According to Statistic Brain, 54 percent of Americans over 18 drink an average of 3.1 cups of coffee every day. Starbucks (NASDAQ:SBUX) has helped foster a culture of caffeination in the United States that collectively spends $18 billion dollars a year on specialty coffee. When going outside of the home for a brew, more people will visit a premium outlet — like Starbucks — than a lower-price outlet like Dunkin’ Donuts (NASDAQ:DNKN), McDonald’s (NYSE:MCD), or the local convenience store, an outlet arguably dominated by Green Mountain Coffee Roasters (NASDAQ:GMCR). It’s a good business to be in, with high margins and a consumer base in some instances addicted to the product — some 60 percent of drinkers who claim to “need a cup of coffee to start their day.”
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SPR Coffee, a Chinese coffee chain, puts global coffee bean sales at $80 billion each year, with 7.4 billion cups consumed, and growing at 30 percent annually. It makes the argument that since countries like Finland, Sweden, and the Netherlands consume more than 1,000 cups of coffee per capita each year, even America’s paltry 400 cups per capita leaves room for growth. China itself, what with over 1.3 billion people and a rapidly growing middle class, only consumes 5 cups of coffee per capita per year, representing an emerging market that coffee magnates would have to be insane not to capitalize on.
Their data may be dubious, but China remains a massive, growing economy that does not drink a lot of coffee — and coffee remains a a product with a high conquest and retention rate. Corporations looking to edge in will have to overcome a well-established culture of tea, but crazier things have happened. It has been speculated that European single-serve coffee super star Nestle (NSRGY.PK), its American counterpart Green Mountain, and Starbucks are all eyeing the country as a growth opportunity.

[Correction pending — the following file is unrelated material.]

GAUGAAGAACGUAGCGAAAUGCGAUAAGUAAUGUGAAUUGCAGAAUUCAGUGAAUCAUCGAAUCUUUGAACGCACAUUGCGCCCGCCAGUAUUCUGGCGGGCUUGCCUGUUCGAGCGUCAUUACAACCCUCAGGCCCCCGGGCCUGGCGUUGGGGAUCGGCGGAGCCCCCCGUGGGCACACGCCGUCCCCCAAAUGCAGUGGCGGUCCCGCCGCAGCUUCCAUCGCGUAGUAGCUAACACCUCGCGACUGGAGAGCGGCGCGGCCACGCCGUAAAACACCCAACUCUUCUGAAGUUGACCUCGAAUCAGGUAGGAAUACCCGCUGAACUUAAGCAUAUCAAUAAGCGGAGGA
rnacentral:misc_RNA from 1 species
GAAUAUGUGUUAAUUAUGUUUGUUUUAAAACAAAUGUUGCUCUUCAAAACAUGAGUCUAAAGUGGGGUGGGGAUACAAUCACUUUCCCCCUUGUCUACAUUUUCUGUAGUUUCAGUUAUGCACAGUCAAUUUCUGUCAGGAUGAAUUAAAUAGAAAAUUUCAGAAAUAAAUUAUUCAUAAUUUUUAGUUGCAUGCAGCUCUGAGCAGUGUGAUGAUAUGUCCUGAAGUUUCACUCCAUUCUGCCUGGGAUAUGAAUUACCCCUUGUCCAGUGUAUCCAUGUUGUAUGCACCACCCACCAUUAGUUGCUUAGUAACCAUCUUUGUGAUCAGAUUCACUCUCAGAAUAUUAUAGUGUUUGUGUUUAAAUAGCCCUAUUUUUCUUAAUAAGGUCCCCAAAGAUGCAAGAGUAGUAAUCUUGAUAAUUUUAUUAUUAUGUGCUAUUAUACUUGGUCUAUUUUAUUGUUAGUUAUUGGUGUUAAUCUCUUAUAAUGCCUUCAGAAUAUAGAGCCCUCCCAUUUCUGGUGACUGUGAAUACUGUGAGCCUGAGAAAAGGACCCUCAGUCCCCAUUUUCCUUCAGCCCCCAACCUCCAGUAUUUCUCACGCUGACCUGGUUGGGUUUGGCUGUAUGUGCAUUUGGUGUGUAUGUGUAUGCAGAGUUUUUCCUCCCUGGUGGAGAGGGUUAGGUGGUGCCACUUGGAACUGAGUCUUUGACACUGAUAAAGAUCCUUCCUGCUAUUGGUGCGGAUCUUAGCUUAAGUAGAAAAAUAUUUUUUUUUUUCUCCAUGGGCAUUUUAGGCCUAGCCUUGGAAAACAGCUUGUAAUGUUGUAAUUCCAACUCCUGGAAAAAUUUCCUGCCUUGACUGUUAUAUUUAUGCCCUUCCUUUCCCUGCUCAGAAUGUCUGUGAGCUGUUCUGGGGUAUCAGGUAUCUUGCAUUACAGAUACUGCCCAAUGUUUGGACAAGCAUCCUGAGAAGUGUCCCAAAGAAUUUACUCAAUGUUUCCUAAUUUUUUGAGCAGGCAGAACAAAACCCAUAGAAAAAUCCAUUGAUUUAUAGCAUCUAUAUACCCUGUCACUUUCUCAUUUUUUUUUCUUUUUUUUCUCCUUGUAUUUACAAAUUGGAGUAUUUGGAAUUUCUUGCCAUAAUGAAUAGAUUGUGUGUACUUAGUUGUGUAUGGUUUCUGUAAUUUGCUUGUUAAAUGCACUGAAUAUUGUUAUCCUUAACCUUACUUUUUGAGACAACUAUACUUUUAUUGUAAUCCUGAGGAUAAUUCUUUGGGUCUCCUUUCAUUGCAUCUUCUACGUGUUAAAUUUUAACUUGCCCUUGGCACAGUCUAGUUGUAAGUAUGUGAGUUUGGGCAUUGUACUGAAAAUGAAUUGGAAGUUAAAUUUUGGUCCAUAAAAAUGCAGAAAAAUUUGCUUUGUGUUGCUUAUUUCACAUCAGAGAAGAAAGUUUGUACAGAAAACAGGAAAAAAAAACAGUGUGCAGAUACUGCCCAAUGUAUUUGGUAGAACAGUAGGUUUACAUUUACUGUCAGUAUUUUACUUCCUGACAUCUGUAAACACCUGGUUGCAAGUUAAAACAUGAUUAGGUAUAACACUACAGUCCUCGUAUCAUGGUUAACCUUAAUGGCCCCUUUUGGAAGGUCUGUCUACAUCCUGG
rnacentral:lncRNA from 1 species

But China is not the only emerging market for coffee. Starbucks — along with partner Tata Global Beverages – recently opened its first location in India, with plans for as many as 50 more by the end of the year. CEO Howard Schultz attended the opening, downplaying allegations that his company dodged taxes in the United Kingdom with one hand, and pointing out the tremendous opportunity the country presents for Starbucks with the other. Taking a que from multinational food/beverage companies like McDonald’s, Starbucks has been increasingly savvy at localizing its brand. The India stores will use domestically roasted beans provided by Tata Coffee.
Starbucks will compete against Barista Coffee, a unit of Lavazza SpA, and Cafe Coffee Day, owned by Amalgamated Bean Coffee Trading. In large part thanks to the groundwork laid by existing coffee outlets, consumption of the beverage in India has almost doubled in the last decade. Saloni Nangia, president of consulting firm Technopak Advisors, told Bloomberg, “It’s a great time for Starbucks to come in because some of the base is already here, in terms of cafes, in terms of people using them as socializing hot spots. The average Indian consumer, or the current cafe consumer, is happy to upgrade to a Starbucks environment.”
That “upgrade” attitude is a large part of why Starbucks is the 88th most valuable brand in the world. That brand value allows it to operate at higher profit margins.
McDonald’s is a multinational that has pushed harder on coffee recently, recognizing its growing popularity at home and abroad. Outlets in South America have run coffee and breakfast promotions hand in hand with considerable success, and a vegetarian-friendly initiative in India could have McCafe and Starbucks butting heads.
Not to be left out, Burger King (BKW) is apparently jumping on the bandwagon, having recently announced a partnership with Nestle Professional to serve specialty coffee in Latin America and the Caribbean.
A release provided by Business Wire reads, “On average, 542 cups of coffee are consumed per person in Brazil each year, with 35 percent of those cups consumed out of home. Similar percentages are seen in other Latin America markets with Mexico reporting a 36 percent out-of-home consumption rate and a 46 percent rate in Panama.”
“We are more than just coffee,” says Nestle Professional head of global branded beverages Michiel Kernkamp. “We are a 360 degree solution for the introduction of Coffees at Burger King® restaurants.” However, coffee is as much culture as it is beverage. In order to bridge the gap, McDonald’s has pushed a companion breakfast menu and the semi-autonomous McCafe. Burger King will have to rethink image if it wants to nail that “third place” niche.
Success for the various initiatives remains to be seen. The coffee magnates seem set to push the beverage into ubiquitous global adoption, and with it, no doubt, coffee empires will rise and fall.